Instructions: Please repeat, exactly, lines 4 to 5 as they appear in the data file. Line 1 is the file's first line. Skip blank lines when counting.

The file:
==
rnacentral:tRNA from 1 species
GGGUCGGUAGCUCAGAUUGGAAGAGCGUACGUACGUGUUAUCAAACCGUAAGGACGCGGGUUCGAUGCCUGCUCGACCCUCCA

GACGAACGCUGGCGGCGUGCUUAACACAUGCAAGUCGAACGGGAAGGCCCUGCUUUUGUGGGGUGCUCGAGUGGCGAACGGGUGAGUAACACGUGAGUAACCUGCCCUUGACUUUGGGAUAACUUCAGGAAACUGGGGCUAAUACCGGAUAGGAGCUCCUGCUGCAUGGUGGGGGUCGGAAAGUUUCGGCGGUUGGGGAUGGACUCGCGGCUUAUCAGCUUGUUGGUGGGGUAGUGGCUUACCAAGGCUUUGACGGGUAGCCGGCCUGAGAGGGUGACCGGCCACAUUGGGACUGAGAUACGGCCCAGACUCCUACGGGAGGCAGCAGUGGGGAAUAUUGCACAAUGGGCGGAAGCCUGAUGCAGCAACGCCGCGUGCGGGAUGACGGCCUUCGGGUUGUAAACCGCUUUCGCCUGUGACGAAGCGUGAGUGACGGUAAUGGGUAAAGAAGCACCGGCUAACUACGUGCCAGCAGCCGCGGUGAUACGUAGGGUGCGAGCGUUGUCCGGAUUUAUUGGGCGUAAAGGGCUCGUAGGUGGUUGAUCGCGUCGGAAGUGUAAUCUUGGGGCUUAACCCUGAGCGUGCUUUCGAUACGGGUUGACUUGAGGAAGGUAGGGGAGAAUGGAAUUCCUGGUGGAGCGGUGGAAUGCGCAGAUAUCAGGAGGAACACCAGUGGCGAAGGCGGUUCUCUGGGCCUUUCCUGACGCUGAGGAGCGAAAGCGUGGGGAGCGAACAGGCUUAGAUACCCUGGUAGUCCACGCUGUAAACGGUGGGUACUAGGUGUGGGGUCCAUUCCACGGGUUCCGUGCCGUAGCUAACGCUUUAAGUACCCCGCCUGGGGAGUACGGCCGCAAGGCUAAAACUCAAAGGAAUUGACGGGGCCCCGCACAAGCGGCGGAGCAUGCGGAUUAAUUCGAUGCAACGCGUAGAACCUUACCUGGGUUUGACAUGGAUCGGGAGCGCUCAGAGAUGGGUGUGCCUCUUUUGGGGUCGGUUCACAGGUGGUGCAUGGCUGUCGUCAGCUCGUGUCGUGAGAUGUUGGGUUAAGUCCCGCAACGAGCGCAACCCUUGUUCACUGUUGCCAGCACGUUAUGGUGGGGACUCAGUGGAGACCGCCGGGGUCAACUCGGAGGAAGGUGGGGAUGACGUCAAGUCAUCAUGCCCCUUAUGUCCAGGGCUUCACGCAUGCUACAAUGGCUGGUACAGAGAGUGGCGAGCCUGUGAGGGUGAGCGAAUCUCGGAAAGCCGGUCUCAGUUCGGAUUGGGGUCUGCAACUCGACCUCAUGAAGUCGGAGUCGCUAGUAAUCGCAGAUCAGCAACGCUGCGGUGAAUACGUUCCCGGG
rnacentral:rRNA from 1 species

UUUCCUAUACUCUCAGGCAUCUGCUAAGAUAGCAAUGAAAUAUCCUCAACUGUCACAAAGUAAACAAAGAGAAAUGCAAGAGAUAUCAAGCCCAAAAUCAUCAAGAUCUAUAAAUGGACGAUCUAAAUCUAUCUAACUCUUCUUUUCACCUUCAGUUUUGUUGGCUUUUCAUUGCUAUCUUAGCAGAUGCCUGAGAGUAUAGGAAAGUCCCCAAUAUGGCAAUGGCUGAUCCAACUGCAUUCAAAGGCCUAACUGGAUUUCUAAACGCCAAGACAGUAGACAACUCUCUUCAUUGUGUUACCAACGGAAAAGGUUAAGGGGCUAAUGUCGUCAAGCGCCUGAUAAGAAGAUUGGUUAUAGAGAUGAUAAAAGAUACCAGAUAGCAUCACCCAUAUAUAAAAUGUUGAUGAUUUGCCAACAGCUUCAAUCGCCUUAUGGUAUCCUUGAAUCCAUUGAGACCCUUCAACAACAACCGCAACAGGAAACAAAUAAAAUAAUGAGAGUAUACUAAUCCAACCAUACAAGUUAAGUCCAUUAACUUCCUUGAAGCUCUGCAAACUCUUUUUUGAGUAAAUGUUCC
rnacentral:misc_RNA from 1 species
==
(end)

rnacentral:rRNA from 1 species

UUUCCUAUACUCUCAGGCAUCUGCUAAGAUAGCAAUGAAAUAUCCUCAACUGUCACAAAGUAAACAAAGAGAAAUGCAAGAGAUAUCAAGCCCAAAAUCAUCAAGAUCUAUAAAUGGACGAUCUAAAUCUAUCUAACUCUUCUUUUCACCUUCAGUUUUGUUGGCUUUUCAUUGCUAUCUUAGCAGAUGCCUGAGAGUAUAGGAAAGUCCCCAAUAUGGCAAUGGCUGAUCCAACUGCAUUCAAAGGCCUAACUGGAUUUCUAAACGCCAAGACAGUAGACAACUCUCUUCAUUGUGUUACCAACGGAAAAGGUUAAGGGGCUAAUGUCGUCAAGCGCCUGAUAAGAAGAUUGGUUAUAGAGAUGAUAAAAGAUACCAGAUAGCAUCACCCAUAUAUAAAAUGUUGAUGAUUUGCCAACAGCUUCAAUCGCCUUAUGGUAUCCUUGAAUCCAUUGAGACCCUUCAACAACAACCGCAACAGGAAACAAAUAAAAUAAUGAGAGUAUACUAAUCCAACCAUACAAGUUAAGUCCAUUAACUUCCUUGAAGCUCUGCAAACUCUUUUUUGAGUAAAUGUUCC